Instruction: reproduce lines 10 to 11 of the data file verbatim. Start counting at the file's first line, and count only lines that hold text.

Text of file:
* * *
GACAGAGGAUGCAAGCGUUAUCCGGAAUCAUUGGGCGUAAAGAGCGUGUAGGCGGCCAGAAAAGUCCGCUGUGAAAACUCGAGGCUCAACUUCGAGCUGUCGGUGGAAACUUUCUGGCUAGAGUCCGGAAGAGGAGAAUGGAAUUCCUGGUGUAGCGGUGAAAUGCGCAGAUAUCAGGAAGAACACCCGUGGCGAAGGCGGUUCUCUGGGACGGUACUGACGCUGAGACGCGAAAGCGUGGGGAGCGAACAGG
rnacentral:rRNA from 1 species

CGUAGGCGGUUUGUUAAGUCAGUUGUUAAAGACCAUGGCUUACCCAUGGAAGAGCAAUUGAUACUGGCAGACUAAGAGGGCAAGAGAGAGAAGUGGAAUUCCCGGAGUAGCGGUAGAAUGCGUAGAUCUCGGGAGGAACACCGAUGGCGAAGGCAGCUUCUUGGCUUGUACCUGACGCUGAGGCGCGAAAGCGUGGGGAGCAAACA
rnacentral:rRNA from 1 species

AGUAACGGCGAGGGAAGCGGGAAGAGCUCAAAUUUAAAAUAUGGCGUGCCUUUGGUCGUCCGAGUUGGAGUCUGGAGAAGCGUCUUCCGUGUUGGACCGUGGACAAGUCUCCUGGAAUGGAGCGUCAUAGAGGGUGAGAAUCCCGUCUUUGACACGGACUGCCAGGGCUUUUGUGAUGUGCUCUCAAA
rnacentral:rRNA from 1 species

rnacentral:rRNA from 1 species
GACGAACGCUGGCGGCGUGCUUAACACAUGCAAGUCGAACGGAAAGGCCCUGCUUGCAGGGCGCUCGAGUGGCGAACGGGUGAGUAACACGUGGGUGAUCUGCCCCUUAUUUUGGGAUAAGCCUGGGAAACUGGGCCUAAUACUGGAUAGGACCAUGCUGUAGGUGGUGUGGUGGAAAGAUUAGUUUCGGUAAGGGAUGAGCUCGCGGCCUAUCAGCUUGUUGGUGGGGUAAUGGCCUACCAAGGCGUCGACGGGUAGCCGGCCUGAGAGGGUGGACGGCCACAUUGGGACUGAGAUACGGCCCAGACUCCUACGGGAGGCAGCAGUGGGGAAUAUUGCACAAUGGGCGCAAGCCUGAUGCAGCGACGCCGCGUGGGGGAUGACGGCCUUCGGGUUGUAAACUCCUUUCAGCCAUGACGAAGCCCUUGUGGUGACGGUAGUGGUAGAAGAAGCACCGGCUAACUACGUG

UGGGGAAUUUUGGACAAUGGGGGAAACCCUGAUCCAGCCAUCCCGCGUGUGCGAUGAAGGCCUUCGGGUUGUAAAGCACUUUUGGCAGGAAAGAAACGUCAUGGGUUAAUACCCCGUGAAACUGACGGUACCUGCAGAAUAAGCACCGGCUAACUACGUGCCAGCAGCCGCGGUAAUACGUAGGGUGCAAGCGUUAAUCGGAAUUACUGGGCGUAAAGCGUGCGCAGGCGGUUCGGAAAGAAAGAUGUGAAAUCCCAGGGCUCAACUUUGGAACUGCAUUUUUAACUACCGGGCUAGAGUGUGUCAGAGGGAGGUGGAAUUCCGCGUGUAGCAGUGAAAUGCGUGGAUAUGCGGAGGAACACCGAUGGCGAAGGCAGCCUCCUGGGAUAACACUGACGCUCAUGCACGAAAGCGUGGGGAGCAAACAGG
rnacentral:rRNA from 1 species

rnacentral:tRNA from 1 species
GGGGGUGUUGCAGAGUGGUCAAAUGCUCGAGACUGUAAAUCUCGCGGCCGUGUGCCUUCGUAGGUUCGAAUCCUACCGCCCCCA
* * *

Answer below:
rnacentral:rRNA from 1 species

rnacentral:tRNA from 1 species